Tag Archives: xydo

Three ways to get a round-up of news shared by your contacts without checking Twitter

Here are three different ways to get a daily news round-up of stories as shared by your contacts within your social networks. All three are good options to get tailored, relevant news on days when you do not have time to closely follow your Twitter stream.

1. LinkedIn Today

LinkedIn Today is powered by Twitter and LinkedIn to provide a tailored news site containing news from a choice of industries, including publishing and online media, plus news as shared and tweeted by people in your networks. You can also save articles for later and have LinkedIn Today sent to your email inbox to give you a daily digest.

It launched in March and has been credited with making LinkedIn the second most important source of traffic referrals for TechCrunch.

2. Summify

Summify also provides you with top stories as decided by contacts within your networks. It will collate the five top stories as decided by your Twitter, Facebook and Google Reader feeds.

You can alter how many top stories are sent, whether your receive them by email or as a direct message on Twitter and what time of the day you want your summary created.


XYDO curates news based on your Facebook and Twitter feeds. You can also vote an article up or down, which will influence the articles promoted to your contacts and you can receive the article list by custom RSS, email, tweeted links or Facebook.

There are more details on XYDO and how it can be used by journalists at this link.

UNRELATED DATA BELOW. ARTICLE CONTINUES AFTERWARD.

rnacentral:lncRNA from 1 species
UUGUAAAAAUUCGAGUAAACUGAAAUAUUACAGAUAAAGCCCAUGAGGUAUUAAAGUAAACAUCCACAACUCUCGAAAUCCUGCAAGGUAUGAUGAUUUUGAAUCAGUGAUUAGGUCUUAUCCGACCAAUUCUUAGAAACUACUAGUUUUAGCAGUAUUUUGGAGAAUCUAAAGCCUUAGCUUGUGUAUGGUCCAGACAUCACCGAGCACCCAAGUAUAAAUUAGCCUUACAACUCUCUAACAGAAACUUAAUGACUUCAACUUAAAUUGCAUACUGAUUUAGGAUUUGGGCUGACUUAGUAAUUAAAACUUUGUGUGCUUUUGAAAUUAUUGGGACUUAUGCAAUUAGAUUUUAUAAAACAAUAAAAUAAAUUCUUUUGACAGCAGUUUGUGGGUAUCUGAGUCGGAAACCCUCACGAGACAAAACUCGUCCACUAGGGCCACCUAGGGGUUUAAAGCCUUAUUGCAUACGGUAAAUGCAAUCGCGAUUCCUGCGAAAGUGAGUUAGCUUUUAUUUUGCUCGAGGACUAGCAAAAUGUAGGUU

‘Like Twitter on steroids’: New social network XYDO launches in beta

Digg gets drunk, has a threesome with Reddit and Newsboiler, which results in XYDO.

That’s how social news network XYDO, which launched in public beta yesterday, was described in one tweet.

XYDO on Twitter

Jeffrey Bates, co-founder of Slashdot.org, opted for:

If Reddit and Hacker News are social news 2.0, XYDO is clearly 3.0 and beyond.

And author Jesse Stay likened it to “Quora meets Digg” and “Twitter on steroids”, according to XYDO’s website.

If you’ve used Digg, Reddit, Newsboiler and Quora, that’s all you need to know. If not, read on.

XYDO takes a bit of getting used to and I’ve not come across any handy video guides, but the following should help you find your way around.

What is XYDO?

XYDO is a social news network that takes stories from your Twitter and Facebook feeds. Users then collectively prioritise and organise stories by pushing them up or down the list. The ranking is influenced by clicking the green arrow up, the red arrow down and by sharing on Twitter and Facebook.

XYDO ranking

You will automatically be following the people you follow on Twitter and you will be assigned to various communities based on your Twitter connections.

You can view either news from your ‘connections’ or from your ‘communities’ and get a story list in a form which suits you: by custom RSS, email, tweeted links or Facebook.

So what does XYDO mean for journalists and newsrooms?

It is a source of stories. It is a way of networking, discussing stories and tailor-making your own news story feed.

You can also join communities (like ‘media and journalism’, which is already set up) and even create your own community.

It is also a way of increasing site traffic. You can submit stories, which will then be ranked by others on XYDO.

XYDO screengrab

You can follow @xydoapp on Twitter. “Media experts” from XYDO also curate various communities on Twitter channels. You can follow @x_mediajourn for “the best news and blog posts on the topic of media and journalism”, for example.

Read more about XYDO on MashableReadWriteWeb and Musings from Sussex.